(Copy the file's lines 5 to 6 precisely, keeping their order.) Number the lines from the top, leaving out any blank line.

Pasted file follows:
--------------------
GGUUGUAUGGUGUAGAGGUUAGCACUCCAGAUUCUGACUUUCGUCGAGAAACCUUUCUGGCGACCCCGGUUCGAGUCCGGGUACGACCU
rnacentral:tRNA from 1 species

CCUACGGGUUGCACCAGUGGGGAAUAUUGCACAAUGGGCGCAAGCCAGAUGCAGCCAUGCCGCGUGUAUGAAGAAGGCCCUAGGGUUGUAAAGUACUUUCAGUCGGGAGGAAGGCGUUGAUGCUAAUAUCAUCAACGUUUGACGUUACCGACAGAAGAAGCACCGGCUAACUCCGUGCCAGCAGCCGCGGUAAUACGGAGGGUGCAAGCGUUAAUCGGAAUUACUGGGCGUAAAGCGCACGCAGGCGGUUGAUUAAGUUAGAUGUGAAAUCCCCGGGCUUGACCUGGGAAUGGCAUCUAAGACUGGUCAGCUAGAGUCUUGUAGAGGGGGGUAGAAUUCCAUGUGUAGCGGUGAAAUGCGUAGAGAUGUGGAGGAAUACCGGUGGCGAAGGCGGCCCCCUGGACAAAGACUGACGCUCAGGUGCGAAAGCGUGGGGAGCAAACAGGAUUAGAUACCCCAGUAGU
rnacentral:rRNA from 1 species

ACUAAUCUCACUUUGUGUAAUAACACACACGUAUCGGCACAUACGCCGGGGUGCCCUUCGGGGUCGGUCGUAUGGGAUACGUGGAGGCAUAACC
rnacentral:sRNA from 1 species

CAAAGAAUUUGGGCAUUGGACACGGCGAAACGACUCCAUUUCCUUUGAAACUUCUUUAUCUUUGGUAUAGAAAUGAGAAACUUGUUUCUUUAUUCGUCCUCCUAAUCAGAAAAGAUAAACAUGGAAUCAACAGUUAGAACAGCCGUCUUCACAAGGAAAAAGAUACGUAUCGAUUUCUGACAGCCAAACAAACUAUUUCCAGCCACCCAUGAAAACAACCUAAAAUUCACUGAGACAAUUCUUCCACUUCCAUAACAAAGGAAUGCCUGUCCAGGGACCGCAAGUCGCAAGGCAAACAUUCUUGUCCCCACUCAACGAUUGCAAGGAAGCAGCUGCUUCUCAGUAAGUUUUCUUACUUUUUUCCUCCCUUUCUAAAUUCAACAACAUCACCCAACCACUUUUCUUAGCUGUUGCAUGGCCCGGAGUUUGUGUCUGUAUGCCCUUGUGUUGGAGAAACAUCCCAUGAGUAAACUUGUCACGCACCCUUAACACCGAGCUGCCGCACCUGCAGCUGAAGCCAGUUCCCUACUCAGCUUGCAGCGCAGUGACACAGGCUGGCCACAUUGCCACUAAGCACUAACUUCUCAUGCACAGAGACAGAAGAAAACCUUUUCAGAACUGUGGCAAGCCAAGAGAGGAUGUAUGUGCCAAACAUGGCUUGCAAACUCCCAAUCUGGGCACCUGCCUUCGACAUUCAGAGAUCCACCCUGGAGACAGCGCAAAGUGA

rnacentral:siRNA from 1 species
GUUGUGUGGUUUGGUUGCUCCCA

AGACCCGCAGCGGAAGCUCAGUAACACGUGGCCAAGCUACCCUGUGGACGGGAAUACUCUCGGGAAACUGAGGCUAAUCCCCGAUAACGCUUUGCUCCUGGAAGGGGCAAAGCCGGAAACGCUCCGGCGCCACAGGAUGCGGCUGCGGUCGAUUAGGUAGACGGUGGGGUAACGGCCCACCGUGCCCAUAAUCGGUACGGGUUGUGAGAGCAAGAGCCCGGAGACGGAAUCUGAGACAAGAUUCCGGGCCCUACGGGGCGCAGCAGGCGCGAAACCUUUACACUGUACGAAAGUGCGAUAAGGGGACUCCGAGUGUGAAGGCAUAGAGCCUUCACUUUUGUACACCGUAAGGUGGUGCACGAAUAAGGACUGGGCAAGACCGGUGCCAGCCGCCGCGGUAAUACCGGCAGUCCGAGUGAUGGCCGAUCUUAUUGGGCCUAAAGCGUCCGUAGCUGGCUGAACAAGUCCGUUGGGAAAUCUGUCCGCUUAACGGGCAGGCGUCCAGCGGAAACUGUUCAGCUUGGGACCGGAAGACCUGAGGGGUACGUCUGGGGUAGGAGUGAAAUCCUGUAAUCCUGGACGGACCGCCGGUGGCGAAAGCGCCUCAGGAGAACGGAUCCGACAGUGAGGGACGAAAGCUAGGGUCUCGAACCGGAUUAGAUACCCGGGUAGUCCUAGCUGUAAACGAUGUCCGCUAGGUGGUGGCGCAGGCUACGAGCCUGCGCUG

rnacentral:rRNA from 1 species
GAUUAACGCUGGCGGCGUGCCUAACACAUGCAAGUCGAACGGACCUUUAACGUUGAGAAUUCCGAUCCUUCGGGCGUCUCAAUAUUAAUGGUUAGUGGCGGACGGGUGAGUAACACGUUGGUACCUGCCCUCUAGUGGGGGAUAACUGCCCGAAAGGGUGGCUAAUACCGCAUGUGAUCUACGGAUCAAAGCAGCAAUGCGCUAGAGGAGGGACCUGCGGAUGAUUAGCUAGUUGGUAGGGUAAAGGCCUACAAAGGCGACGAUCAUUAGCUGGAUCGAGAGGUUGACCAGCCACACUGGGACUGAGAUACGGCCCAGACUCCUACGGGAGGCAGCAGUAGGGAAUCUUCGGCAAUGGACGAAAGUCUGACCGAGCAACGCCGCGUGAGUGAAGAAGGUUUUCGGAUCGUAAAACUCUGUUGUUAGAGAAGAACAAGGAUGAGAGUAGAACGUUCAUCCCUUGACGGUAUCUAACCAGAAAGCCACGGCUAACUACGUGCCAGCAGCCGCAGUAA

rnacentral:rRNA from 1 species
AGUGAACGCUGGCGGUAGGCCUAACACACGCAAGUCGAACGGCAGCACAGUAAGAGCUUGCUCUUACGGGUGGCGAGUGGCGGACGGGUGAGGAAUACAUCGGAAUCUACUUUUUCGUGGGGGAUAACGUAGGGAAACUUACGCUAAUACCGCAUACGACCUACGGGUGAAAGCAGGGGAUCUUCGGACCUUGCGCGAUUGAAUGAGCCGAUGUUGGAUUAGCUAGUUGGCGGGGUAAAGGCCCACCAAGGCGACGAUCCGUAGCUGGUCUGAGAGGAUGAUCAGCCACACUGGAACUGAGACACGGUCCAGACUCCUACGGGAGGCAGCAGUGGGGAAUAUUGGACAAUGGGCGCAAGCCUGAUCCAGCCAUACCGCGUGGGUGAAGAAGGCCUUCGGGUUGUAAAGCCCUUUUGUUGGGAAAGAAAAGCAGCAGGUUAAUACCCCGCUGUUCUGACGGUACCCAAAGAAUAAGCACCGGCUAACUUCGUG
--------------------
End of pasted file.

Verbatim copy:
ACUAAUCUCACUUUGUGUAAUAACACACACGUAUCGGCACAUACGCCGGGGUGCCCUUCGGGGUCGGUCGUAUGGGAUACGUGGAGGCAUAACC
rnacentral:sRNA from 1 species